How you can easily pay for it
We believe the alumni-support model is the best model to run Hackership by. We're convinced that for those accepted into the programme, paying for their participation in Hackership afterwards, will in no way be as hard as it sounds. Here are a few examples:
Being tech people ourselves, we have strong connections to people and companies within the community. We understand what they are looking for in a hire candidate and-- to be honest-- they are highly interested in hiring motivated people such as those we're currently accepting into Hackership! In discussions, they've told us firsthand, that our Learners could and should ask for a higher fee, and that they would willingly pay it. Our contract will therefore be with the e learner and not with the companies themselves. As we work closely with and get to know the learner over the period of the programme, we will be able to address concerns about finding a company which provides a sufficient salary to pay for Hackership. We know of plenty that will and we can assist learners in finding a good position, if wanted.
The alumni-support model offers other options as well. For example, we do not require that you are unemployed during or after the Hackership programme. You can work for any company (just not while being on-site at the programme location), which could also be your current employer. We have heard of supervisors openly discussing a model where the learner would get a reduced payment during the programme while working only on the fifth day and the company would cover the the costs of the programme. You wouldn't believe how many supervisors would love to hear their employees coming up with such an offer as continuous training for employees is a big problem that they usually have to pay a much higher price for. And though the contract we have is with the learner, the programme also offers that the bill might be sent to your employer (as they can use it as a tax write-off).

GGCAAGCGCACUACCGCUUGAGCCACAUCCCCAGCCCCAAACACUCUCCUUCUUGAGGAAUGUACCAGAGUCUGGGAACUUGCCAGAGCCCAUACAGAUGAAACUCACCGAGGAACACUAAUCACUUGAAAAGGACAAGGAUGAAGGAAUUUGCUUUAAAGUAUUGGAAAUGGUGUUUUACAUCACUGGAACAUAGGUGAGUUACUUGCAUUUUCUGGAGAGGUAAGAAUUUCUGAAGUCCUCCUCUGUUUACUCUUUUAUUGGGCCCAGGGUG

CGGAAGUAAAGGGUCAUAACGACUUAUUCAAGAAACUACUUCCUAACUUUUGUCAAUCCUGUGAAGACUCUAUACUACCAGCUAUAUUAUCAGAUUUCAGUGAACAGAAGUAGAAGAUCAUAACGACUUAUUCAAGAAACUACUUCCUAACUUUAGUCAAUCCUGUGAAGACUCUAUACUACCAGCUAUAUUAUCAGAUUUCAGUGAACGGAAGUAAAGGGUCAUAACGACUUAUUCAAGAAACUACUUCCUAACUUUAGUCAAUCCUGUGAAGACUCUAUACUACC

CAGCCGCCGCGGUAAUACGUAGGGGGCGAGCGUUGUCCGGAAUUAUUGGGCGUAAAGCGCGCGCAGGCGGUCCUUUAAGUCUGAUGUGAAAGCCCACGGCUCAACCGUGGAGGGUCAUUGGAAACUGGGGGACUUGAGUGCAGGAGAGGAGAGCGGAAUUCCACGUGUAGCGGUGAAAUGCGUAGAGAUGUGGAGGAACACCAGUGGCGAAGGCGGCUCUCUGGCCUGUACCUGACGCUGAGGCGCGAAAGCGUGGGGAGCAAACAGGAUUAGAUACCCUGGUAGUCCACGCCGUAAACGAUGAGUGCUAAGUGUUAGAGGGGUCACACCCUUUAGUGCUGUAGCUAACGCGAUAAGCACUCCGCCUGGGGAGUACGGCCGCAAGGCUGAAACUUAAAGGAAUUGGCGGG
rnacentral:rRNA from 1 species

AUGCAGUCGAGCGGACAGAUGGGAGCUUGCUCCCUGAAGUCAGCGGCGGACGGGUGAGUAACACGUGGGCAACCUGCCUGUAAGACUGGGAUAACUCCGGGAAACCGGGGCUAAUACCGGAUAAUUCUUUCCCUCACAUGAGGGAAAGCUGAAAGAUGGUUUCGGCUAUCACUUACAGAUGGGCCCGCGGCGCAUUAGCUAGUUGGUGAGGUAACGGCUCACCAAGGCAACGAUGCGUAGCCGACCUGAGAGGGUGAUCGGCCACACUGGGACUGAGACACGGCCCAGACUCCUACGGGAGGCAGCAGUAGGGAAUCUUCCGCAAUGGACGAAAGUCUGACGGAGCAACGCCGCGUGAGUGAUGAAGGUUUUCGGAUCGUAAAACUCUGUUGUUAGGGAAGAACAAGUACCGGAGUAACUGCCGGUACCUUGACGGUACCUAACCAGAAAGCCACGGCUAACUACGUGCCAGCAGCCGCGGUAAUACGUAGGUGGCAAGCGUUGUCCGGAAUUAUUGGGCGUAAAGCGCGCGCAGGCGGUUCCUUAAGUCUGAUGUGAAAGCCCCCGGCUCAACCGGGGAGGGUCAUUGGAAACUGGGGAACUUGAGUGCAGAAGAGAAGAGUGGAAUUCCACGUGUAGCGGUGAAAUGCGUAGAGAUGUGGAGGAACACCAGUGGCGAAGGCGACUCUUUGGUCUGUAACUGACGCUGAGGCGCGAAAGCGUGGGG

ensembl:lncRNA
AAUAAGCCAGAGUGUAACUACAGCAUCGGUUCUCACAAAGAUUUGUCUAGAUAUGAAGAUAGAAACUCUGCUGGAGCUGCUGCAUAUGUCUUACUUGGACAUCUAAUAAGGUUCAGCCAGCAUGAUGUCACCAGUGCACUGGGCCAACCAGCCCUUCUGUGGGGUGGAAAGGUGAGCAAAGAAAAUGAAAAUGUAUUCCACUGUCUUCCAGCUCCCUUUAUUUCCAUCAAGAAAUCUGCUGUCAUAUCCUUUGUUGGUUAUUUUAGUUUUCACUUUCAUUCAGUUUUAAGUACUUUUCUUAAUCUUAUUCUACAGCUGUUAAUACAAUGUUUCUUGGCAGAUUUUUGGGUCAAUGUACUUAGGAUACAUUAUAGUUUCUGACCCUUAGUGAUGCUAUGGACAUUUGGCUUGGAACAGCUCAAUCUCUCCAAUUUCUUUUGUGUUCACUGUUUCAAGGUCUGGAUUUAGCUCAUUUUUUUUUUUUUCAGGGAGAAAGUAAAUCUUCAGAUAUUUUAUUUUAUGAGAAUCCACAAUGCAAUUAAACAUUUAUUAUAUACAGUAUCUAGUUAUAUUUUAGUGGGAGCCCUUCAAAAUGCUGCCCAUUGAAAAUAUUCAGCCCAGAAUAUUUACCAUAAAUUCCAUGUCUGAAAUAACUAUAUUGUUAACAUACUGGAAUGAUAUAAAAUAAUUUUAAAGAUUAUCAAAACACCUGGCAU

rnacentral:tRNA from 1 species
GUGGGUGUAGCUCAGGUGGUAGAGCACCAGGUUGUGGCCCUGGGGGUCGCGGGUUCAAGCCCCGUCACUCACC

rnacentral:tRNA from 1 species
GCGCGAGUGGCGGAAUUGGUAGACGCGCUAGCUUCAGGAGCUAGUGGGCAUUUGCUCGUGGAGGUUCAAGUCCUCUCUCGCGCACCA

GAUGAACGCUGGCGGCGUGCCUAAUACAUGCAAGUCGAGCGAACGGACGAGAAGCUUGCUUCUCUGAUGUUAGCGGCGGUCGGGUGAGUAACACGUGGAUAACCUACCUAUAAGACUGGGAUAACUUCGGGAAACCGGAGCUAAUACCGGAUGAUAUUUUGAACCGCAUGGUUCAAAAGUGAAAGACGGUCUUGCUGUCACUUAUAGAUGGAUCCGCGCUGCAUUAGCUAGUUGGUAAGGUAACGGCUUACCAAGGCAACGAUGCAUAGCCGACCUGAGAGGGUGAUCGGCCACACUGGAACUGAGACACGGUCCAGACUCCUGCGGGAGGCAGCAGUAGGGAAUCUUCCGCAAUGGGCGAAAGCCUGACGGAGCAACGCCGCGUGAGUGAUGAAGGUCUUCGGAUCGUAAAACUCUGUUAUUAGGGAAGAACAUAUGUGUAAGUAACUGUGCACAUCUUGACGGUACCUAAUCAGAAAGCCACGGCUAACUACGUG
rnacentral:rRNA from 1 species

Freelancing is another case that can be tricky as seen from the classic model perspective. They often don't get accepted as afterwards they likely won't seek to get hired but instead go back to freelancing. As the alumni-support model fee is based on the learners monthly income after taxes, our programme is totally fine with and happy to accept freelancers. And with percentage being a relative value, this is also a very fluid model and doesn't require you to pay back a fixed amount in the month in which a client is late on their payment for example: no income that month, nothing to pay. You just pay more the next month, when they follow up paying their bills. Similarly as with employers, you can also deduct these bills from your taxes at the end of the year, saving you even more money.
For a community-run system, the alumni-support model is the most flexible and appropriate of all possible models with which to run this programme. With the scarcity in computer programmers being so high, we aren't at all concerned that any learner will ever have a problem paying for it. However, if there are any concerns, we are willing and able to help with that, too.
Thanks to Morgan for publishing this great picture of wall-e on flickr under CC-SA.